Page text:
One of the first papers I wrote while working on my MA (and one of my favorite subjects still) was about the dialect of English used in the Upper Peninsula of Michigan. This dialect has been called Yooper Talk, Yoopanese and Yooponics based on the the word Yooper.
Yooper has become such a commonplace term for the residents of the Upper Peninsula that it has even gained mention in the American Heritage Dictionary of the English Language, Fourth Edition. The definition is listed as “A native or inhabitant of the Upper Peninsula of Michigan. The etymology is from UP, which is the abbreviation for Upper Peninsula.
The dialect has also been called Finglish because of the strong Finnish influence on the phonology, grammar and vocabulary of the dialect in the Upper Peninsula. While speakers of the dialect follow rules that vary from those of Standard American English, they follow these rules because they are rules that are based on the original language that helped form the dialect. In sum, this does not mean that these people have poor grammar, are using sloppy, lazy speech or are any less intelligent than those who speak what is considered Standard American English.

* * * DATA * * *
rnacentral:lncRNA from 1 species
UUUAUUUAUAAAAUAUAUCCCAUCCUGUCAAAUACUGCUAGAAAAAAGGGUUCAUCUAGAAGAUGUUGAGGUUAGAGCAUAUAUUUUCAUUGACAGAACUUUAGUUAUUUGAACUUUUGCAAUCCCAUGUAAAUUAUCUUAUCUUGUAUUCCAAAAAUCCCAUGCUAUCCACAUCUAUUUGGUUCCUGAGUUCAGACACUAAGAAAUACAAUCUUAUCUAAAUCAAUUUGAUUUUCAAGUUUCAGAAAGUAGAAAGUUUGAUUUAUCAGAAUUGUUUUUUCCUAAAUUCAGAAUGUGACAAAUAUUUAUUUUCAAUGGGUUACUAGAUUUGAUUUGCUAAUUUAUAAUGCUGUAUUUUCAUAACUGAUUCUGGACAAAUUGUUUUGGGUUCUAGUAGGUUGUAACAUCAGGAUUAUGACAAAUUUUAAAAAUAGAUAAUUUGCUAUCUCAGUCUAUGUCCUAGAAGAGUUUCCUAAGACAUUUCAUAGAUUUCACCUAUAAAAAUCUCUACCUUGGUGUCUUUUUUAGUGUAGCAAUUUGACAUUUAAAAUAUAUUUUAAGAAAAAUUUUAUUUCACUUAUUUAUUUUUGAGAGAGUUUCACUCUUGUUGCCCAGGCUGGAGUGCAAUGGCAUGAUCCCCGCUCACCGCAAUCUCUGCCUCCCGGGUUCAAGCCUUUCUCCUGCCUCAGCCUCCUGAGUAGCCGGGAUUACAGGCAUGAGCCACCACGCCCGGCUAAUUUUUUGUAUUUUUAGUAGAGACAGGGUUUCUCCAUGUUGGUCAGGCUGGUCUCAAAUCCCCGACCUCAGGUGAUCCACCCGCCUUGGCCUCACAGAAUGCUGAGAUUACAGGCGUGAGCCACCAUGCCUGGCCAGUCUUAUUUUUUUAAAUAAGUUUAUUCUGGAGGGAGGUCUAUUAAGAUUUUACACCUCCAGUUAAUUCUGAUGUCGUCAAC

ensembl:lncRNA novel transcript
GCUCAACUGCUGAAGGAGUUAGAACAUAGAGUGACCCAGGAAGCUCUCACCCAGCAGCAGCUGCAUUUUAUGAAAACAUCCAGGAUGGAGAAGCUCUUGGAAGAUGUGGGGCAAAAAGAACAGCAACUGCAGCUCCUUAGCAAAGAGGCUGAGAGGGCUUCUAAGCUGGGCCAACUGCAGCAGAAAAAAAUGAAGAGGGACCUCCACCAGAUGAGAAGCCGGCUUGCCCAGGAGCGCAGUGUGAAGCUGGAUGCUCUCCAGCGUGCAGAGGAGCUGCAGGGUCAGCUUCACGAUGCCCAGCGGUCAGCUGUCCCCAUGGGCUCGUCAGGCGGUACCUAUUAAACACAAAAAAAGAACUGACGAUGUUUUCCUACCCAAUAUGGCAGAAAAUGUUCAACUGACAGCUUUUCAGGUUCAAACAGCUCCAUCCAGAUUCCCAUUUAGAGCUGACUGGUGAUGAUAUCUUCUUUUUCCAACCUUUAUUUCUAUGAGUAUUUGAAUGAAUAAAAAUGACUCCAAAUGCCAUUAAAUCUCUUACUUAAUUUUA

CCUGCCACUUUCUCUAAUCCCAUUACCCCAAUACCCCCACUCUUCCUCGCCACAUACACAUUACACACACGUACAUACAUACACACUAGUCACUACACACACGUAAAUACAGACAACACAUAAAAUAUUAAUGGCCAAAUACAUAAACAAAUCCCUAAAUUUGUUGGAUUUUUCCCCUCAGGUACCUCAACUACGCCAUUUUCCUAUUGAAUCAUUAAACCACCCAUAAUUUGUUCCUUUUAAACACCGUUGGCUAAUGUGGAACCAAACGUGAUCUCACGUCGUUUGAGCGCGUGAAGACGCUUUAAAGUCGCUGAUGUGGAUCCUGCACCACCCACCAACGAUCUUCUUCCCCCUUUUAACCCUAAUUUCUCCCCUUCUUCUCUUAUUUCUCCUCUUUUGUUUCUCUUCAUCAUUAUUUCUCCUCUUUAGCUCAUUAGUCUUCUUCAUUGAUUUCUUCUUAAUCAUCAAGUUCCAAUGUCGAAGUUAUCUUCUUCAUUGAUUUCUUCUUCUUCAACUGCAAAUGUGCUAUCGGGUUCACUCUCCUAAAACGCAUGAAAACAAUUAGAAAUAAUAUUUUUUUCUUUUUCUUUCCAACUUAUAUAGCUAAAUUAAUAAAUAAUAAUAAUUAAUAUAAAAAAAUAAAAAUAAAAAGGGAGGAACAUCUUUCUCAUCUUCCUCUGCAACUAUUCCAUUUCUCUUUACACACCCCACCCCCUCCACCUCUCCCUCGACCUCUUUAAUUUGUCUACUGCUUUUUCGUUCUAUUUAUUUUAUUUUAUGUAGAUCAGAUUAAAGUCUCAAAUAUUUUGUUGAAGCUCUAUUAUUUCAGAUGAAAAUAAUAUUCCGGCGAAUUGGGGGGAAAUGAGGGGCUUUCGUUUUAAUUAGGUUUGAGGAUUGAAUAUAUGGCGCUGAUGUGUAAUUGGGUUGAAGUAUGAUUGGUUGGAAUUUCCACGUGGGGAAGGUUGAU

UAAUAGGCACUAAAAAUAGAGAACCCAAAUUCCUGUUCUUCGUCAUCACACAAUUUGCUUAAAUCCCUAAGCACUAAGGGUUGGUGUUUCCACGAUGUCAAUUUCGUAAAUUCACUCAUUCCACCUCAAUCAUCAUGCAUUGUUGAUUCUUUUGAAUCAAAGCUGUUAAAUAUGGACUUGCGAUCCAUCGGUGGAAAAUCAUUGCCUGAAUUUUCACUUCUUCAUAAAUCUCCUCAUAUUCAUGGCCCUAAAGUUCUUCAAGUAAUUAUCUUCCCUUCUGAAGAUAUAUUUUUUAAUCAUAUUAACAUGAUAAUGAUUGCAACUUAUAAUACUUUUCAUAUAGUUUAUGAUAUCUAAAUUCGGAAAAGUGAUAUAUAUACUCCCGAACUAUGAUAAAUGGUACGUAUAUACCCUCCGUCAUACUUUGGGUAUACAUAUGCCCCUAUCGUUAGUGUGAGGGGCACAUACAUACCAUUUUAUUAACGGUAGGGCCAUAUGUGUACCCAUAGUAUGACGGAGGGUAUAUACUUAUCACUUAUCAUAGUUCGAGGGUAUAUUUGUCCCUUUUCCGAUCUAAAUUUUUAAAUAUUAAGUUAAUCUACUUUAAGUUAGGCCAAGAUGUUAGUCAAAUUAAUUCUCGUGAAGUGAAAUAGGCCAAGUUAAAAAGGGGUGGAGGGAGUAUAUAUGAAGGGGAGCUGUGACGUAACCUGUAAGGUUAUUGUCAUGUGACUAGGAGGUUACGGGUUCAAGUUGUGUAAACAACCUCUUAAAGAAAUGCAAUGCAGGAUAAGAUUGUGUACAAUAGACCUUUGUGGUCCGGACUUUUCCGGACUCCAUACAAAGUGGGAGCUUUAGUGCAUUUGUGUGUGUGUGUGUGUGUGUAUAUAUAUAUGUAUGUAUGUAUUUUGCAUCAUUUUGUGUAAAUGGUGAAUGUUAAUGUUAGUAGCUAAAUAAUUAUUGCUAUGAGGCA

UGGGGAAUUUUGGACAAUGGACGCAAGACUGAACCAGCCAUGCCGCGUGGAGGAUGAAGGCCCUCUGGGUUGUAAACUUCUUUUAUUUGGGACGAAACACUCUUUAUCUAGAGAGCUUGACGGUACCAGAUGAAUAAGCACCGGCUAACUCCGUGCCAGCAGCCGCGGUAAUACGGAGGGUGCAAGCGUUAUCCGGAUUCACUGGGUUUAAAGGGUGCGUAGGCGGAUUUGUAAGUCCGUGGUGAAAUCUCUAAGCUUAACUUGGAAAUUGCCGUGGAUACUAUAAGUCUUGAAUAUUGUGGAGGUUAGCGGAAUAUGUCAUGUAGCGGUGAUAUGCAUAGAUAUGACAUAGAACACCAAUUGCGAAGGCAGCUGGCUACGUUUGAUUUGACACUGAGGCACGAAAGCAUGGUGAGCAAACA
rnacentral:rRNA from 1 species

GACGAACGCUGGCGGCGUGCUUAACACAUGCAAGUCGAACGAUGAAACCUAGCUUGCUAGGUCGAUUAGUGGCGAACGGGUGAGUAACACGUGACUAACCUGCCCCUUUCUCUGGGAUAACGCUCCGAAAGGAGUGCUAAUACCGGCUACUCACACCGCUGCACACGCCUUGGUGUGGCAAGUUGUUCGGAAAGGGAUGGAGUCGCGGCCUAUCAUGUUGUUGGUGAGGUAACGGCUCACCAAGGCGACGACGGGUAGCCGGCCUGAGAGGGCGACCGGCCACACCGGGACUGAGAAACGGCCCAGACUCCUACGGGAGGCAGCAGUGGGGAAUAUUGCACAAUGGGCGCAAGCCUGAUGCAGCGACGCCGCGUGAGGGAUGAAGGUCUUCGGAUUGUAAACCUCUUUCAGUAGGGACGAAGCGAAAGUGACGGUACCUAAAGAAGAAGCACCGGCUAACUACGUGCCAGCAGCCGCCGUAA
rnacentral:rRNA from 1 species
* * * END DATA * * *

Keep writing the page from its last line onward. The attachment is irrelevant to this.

Following is an example of pronunciations in the U.P dialect that differ from Standard American English: dese, dem, dose and da instead of these, them, those and the
both pronounced as bot with a soft t
The Finnish influence is shown here by the lack of the “th” sound. The Finnish language does not have this sound and this results in the use of the “d” sound in place of the English “th” sound and the use of the soft t sound at the end of words that end in th.
As I previously mentioned, this is one of my favorite subjects so check back for more about the U.P. and Yoopers in the near future.